This scene from the 1940s-50s shows a common sight on streets in Florida; the ice company's trucks making their rounds delivering huge blocks of ice to homes and businesses. Before air conditioning and efficient refrigeration, Floridians depended on ice to keep food and beverages cold and fresh. Florida's fishing industry absolutely depended on ice to keep their catch fresh long enough to get it to a restaurant or ship it out of town or state.(Ice companies were a very profitable business and to visit one and feel the cold air behind the giant plastic curtains on a sweltering day was heaven, a quick trip to Alaska.) Early Frigidaires - which is all my mom and grandmother ever called their "ice boxes," used motors and fans to blow the room's hot air into and past the ice blocks and circulated it down and around food stored in the "ice box." It worked pretty well, but you still looked forward to visiting the big movie theaters, cafeterias such as Morrison's and some fancy department store like Maas Brothers for real air conditioning. Heck, I can remember going to one drive-in theater that offered air conditioning that attached to your car window along with the speaker. Pretty cool, eh? Most cars did not have A/C so that and buttery popcorn were the big draws...oh, and your steady girl to share the experience with.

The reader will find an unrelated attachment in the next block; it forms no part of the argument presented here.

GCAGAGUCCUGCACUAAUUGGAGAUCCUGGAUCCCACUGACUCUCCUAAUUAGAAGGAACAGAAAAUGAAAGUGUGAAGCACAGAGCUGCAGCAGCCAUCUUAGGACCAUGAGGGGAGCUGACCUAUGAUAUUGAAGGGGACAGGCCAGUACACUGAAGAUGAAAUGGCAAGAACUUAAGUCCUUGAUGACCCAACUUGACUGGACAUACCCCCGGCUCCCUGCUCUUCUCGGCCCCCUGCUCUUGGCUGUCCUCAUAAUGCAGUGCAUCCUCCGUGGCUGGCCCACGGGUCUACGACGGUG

This mural is another portion of one I posted yesterday of West Tampa's Main Street. The West Tampa Revitalization Corporation commissioned the mural in 1984. It is BIG. It covers two entire exterior walls of the recreation building at the Rey Park Center and Playground on North Howard Avenue.